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Styled with Poise: Figures in Japanese Paintings & Prints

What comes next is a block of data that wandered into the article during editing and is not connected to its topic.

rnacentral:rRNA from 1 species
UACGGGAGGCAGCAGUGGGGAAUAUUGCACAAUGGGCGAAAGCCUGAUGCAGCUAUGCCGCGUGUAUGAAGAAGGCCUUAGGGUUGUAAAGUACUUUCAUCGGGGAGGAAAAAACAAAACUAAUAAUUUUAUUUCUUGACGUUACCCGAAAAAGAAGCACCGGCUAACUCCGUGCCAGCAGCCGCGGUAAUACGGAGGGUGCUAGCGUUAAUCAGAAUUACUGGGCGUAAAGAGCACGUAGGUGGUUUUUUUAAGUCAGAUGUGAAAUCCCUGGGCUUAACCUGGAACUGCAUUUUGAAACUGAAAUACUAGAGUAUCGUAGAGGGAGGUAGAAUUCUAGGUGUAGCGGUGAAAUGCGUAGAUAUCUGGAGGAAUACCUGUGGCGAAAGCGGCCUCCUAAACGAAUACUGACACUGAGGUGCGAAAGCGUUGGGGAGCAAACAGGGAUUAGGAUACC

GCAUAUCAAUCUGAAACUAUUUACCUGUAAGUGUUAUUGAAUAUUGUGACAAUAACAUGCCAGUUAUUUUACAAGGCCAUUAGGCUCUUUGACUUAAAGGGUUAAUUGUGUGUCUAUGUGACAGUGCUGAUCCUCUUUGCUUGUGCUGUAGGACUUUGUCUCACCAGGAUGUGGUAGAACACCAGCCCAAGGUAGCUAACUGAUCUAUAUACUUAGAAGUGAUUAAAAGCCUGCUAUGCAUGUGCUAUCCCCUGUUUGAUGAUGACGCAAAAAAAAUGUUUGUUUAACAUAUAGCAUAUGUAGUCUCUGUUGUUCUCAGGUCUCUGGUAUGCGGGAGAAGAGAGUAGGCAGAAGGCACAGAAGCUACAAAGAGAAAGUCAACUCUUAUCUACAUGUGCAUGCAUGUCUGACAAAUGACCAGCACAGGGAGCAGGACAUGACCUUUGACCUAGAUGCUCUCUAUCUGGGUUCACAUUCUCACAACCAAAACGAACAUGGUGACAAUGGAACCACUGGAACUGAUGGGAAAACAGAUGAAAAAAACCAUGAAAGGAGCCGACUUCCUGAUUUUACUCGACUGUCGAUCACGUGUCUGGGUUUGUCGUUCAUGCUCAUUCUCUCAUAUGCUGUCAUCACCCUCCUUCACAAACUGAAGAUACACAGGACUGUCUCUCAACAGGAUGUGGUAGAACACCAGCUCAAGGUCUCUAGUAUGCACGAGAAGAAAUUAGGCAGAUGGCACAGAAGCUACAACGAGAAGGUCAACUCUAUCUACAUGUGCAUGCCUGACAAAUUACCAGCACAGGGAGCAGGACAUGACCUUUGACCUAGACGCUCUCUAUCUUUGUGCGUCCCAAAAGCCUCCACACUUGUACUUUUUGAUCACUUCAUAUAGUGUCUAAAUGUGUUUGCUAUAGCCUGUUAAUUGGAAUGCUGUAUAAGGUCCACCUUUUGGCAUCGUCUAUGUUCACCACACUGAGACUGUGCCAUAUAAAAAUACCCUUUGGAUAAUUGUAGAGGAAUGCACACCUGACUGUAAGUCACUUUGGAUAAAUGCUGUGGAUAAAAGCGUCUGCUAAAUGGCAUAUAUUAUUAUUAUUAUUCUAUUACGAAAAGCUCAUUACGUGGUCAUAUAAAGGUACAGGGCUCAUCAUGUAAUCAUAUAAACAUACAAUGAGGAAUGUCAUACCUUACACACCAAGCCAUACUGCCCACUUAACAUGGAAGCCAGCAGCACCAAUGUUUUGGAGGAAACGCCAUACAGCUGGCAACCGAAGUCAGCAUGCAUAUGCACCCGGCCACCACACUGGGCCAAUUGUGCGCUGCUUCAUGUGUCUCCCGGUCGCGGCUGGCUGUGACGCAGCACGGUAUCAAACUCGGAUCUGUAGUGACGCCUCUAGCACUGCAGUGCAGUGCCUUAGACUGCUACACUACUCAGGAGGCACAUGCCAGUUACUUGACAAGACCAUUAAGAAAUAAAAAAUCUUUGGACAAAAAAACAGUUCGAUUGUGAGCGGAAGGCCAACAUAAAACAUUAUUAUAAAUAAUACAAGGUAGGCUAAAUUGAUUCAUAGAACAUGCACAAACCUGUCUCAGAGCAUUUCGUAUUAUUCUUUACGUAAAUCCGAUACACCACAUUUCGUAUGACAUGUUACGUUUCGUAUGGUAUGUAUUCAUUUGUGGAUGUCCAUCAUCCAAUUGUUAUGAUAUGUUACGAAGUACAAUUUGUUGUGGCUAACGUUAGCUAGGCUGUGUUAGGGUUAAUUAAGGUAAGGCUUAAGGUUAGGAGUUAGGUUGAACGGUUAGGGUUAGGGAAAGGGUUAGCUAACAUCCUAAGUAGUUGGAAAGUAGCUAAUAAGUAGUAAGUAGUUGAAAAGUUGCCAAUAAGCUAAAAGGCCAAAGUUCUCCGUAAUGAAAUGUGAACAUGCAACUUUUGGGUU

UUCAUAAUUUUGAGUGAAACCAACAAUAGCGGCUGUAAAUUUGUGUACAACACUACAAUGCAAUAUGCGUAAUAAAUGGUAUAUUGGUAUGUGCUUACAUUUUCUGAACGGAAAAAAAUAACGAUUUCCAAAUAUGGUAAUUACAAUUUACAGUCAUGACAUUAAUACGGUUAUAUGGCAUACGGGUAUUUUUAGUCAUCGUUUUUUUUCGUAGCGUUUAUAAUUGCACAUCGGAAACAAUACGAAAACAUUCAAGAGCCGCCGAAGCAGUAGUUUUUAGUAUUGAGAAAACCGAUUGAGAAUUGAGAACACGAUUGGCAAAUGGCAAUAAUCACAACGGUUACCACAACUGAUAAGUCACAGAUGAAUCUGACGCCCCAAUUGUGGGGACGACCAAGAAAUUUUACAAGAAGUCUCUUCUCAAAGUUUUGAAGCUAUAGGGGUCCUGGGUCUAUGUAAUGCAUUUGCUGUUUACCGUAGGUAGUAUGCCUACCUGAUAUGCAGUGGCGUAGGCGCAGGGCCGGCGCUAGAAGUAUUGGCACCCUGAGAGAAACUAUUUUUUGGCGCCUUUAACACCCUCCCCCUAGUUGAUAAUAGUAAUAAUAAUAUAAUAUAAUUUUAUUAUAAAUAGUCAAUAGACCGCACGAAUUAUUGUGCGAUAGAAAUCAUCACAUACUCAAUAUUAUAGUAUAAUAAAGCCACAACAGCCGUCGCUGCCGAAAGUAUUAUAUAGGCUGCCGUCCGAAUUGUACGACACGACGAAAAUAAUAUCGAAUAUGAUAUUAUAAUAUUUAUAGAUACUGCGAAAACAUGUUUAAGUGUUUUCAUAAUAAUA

Paintings and Prints displays art from the Edo period (16031868), when a wide range of painting styles and significant developments in woodblock printmaking made visual art accessible to many in Japan. Figures in hanging scrolls and screens helped adorn residences, especially in the larger metropolitan areas such as in Kyoto, Osaka, and Edo (current-day Tokyo), during a time when interior decorations were still sparse. While religious scrolls with important Buddhist figures for worship such as Amida Buddha and other bodhisattva, hung in temple halls, depictions of people engaged in daily activities, and other popular subjects were enjoyed in the homes of wealthier townsmen. Historical figures were often heralded as upholding the ideals of the past and even ghosts or figures who met unfortunate or untimely deaths came to be depicted in painted form.